I think thats unfortunate but thats not a fraternity thing thats just the house you got close to. I rushed openly gay and pledged the same way and people still make gay jokes around me but they've also learned that there are certain things they can and can't say which I think has been positive for them as well.

    I would say if you really wanna be greek look into some more open minded houses because they are out there.
  • HndsmKansan

    Posts: 16311

    Oct 27, 2009 3:31 PM GMT
    Well I certainly was sorry to hear that in this day and age you are experiencing discrimination and thats what it is, plain and simple.

    I absolutely agree that you should be proud of yourself. You had guts and took the initiative. I think the fact you were told, "they would be uncomfortable making gay jokes" was really pathetic.

    As far as your future and what avenue to take, I would have to consider it if it were me. In some ways, I agree that moving forward in some other organization in a positive way would be to your benefit...... but the fact this organization is blatenly discriminating against you (and in violation of their bylaws) bothers me. They ought to be called on the carpet. Just not sure if you want to do this and have a houseful of enemies. Your college experience should be a good one, you can excel in other areas no doubt.

    Whatever you decide, just know you have our respect for being open and candid the way you did. You'll be an asset in whatever organization you end up supporting.
  • hartfan

    Posts: 1037

    Oct 27, 2009 4:02 PM GMT
    You're a brave and standup guy for being open and honest. Thumbs down to them for treating you like that. I'm sorry for you about the outcome. It is their loss not to have you as a pledge.
  • Posted by a hidden member.
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    Oct 27, 2009 4:08 PM GMT
    You should tell them that you wouldn't accept their bid anyway, as you wouldn't be able to make straight jokes around them, and make them feel less than manly in the showers.

    5 will get you 10 that by year's end, a handful of them will experiement with their "brothers".icon_lol.gif

  • Posted by a hidden member.
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    Oct 27, 2009 4:09 PM GMT
    First of all I am proud that you had the balls to tell them you are gay.

    Part of me wants you to take it to the highest ranking organization, not just for you but for people that come after you. The other side of me says, learn from this lesson, keep your fucking mouth shut next time, get into the organization and make REAL change from within. It is difficult to make change when youre trying to scratch your way thru the door.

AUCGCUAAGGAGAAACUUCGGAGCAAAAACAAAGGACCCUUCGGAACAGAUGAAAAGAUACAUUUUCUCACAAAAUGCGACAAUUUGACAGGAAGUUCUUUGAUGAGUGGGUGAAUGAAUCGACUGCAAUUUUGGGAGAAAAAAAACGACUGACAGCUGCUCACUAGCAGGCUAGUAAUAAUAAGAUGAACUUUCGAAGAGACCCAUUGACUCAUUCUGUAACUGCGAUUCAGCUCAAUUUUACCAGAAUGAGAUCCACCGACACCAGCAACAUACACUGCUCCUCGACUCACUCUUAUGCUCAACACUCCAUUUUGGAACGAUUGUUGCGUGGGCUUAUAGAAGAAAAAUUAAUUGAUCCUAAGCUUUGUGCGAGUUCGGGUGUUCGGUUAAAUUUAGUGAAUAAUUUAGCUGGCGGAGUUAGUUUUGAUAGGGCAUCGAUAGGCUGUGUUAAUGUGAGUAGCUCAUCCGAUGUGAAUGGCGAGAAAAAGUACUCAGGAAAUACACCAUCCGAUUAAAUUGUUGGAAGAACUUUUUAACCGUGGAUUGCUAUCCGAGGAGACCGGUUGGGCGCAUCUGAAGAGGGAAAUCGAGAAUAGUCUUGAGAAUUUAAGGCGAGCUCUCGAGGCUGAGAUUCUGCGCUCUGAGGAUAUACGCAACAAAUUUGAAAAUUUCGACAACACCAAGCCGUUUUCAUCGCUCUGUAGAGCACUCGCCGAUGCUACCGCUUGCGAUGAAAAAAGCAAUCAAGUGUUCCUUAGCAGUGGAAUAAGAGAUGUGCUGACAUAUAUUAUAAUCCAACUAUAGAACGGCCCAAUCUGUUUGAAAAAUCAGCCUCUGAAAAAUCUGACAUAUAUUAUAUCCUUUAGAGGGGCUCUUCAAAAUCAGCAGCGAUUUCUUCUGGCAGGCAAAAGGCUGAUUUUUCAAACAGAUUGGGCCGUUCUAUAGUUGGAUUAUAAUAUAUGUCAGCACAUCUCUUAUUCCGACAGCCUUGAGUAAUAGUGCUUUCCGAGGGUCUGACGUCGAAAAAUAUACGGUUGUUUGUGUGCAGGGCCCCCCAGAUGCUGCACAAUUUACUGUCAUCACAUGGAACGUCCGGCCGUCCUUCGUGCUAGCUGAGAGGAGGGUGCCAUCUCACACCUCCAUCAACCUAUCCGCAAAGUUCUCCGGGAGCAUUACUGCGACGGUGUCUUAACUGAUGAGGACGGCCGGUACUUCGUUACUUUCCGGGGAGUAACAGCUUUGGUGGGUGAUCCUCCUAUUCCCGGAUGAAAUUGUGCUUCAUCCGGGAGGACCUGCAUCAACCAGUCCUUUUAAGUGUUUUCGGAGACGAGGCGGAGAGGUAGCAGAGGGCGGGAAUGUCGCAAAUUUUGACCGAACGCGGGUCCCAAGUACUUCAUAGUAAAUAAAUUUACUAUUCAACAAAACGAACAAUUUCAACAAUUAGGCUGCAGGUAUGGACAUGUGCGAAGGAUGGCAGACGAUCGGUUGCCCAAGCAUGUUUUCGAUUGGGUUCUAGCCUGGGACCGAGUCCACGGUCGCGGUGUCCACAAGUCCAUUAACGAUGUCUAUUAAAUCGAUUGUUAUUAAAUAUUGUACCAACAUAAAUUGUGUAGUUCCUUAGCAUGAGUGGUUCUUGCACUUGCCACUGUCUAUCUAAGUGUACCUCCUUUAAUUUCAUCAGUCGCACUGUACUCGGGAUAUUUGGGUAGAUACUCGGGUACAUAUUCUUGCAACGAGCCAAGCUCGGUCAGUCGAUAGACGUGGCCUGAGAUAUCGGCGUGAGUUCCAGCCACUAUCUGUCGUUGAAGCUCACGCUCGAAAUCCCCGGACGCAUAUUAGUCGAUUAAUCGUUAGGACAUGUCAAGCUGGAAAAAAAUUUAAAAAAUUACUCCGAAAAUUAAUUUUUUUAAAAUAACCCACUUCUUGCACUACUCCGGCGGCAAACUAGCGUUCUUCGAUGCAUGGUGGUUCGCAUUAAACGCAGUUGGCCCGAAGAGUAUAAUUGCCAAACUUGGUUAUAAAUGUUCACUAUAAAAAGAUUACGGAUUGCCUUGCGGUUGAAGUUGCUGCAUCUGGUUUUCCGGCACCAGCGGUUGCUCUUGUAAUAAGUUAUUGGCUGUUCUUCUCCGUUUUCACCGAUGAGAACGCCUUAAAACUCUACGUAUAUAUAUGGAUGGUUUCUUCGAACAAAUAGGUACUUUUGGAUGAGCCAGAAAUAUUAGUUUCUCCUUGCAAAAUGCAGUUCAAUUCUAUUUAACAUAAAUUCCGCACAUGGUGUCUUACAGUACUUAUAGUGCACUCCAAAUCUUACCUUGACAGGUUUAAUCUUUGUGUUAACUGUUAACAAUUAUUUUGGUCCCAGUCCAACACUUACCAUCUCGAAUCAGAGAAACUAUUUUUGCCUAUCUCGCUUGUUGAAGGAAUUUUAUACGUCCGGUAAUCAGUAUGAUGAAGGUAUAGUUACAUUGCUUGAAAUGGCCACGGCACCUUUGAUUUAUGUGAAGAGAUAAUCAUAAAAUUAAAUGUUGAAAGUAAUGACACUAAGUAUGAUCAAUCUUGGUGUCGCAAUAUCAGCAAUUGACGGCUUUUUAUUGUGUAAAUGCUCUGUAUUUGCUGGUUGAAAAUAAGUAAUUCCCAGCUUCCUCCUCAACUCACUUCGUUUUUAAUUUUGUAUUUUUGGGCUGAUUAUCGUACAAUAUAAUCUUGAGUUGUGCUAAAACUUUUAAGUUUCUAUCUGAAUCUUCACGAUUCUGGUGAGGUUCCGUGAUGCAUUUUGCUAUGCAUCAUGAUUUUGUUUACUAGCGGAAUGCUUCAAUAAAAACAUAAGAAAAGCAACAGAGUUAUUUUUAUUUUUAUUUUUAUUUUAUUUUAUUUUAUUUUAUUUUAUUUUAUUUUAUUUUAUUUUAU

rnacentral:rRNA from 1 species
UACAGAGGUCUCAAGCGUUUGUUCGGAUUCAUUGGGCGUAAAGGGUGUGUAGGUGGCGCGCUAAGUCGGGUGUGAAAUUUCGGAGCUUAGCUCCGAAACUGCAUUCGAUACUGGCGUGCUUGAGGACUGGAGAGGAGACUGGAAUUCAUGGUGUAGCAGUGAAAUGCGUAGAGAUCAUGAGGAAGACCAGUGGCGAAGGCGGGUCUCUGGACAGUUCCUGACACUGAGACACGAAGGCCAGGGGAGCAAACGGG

That all being said, WTF do I know, Im a closeted bisexual man.

    Best of luck.
  • Timbales

    Posts: 13993

    Oct 27, 2009 4:09 PM GMT
    Before you make a decision about if you want to pursue the issue with the national board, consider the ramifications to your personal and academic life.
  • coolarmydude

    Posts: 9190

    Oct 27, 2009 4:16 PM GMT
    First of all, it is discrimination.

    After that, it's about what you're going to do about it. My suggestion is that you first write the local fraternity and explain to them how you feel and how they're wrong with their stereotypes. Then, if you don't hear from them, you could write to their higher headquarters. However, if nothing is recorded, they will likely deny your claims. Educate first, fight (legal sense) if education fails.
  • Posted by a hidden member.
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    Oct 27, 2009 4:18 PM GMT
    If you want to burn bridges and not get involved in a fraternity, then go to IFC or their nationals. If you do want to be in a fraternity, recruitment is never just once a year. Find a different more accepting chapter. If they don't want a gay guy in chapter it's their loss and not the right brotherhood for you. Being gay in a fraternity should not be hard, it shouldn't change the chapter. I'm openly gay, and i'm not the first either. And our most recent pledge class has 3 openly gay guys in it. Remember, if you report them it will be harder to find a suitable house. See what is out there, and if you think it was a isolated incident report them. IFC and their nationals should know.
  • Posted by a hidden member.
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    Oct 27, 2009 5:00 PM GMT
    I work in human rights and this is clearly a case of discrimination.